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Re: "tdb" and "duri" URI schemes...

From: Alan Ruttenberg <alanruttenberg@gmail.com>
Date: Fri, 5 Nov 2010 00:48:49 -0400
Message-ID: <AANLkTikJuCcuBcFANQasD9y1PrHL8ddOZ8zVvzAnh8=Q@mail.gmail.com>
To: Larry Masinter <masinter@adobe.com>
Cc: Jonathan Rees <jar@creativecommons.org>, "www-tag@w3.org" <www-tag@w3.org>
FWIW, I can't understand what you are talking about here.

On Thu, Nov 4, 2010 at 2:03 PM, Larry Masinter <masinter@adobe.com> wrote:

> Personally, one of the things that I find myself dwelling on is the
> infinite order  -- there are uncountably many "things", but only a
> countable number of "descriptions".
>

Definitions? Proof?
Even if there was a counting argument to be made here, I can't see how you
would arrive at "things that *can* be described". You might perhaps land up
with "things that *have* been described". But there isn't a unique mapping
of countable on to uncountable sets.


> At least, for me, the distinction isn't silly or meaningless. In addition,
> the notion of "identity" is
> associated with the description rather than the thing-described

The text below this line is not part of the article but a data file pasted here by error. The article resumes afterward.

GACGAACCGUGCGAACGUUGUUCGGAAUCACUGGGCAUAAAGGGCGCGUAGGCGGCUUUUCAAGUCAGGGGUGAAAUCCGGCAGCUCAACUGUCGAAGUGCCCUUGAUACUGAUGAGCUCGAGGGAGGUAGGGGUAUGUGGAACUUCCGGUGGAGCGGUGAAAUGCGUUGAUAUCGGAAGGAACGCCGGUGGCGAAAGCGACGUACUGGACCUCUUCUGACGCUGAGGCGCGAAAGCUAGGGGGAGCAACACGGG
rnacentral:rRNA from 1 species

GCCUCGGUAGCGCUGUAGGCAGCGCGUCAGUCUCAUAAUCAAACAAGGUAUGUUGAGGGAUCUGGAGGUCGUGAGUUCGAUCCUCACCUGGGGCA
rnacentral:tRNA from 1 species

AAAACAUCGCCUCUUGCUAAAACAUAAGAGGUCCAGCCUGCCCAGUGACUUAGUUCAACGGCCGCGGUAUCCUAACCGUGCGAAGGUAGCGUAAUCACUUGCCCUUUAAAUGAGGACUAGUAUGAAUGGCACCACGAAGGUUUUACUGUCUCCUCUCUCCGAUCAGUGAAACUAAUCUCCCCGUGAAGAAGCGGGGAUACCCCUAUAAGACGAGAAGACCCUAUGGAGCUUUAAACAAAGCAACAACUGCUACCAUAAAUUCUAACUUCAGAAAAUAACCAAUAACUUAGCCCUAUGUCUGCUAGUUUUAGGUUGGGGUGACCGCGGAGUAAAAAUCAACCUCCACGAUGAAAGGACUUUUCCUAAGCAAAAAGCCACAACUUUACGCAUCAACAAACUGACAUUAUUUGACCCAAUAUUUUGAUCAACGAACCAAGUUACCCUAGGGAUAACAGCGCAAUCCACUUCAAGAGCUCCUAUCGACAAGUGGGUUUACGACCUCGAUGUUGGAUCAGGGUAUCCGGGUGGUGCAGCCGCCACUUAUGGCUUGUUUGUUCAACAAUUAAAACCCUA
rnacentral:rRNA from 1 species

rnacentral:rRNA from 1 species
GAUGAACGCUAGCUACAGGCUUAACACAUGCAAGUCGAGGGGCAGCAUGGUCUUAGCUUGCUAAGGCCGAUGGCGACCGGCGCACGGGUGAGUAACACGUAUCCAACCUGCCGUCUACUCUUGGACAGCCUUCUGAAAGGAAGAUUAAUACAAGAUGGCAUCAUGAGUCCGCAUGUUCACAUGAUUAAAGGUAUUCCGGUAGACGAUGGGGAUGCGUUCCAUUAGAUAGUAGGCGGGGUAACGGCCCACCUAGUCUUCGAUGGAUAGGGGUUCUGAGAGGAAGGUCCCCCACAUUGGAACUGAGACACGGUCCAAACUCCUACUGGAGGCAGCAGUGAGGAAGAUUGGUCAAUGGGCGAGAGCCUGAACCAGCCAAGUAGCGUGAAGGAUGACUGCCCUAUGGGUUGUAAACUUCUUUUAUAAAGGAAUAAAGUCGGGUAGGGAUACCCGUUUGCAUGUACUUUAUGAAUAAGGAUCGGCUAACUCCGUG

>

Which notion of identity? There are a number.
http://plato.stanford.edu/entries/identity/
There are certainly notions of identity associated with (any)things.


> ,which seems to me to be an important distinction; I'd rather elaborate
> these
> ideas than leave them unstated.
>

Elaboration would be good.

>
> That is, "things" don't really form a set, in the sense of having
> a clear equality relationship.
>

?


>  We talked about this before and I don't think I convinced you, but perhaps
> you'll have more sympathy for
> my continuing to talk about "anything that can be described" vs "anything".
>

I'd be interested in an attempt to be convinced. But as another heads up,
what you are saying here seems in contradiction to the basis of all the
SemWeb languages, which I think would be setting precedent.

-Alan
Received on Friday, 5 November 2010 04:49:39 GMT

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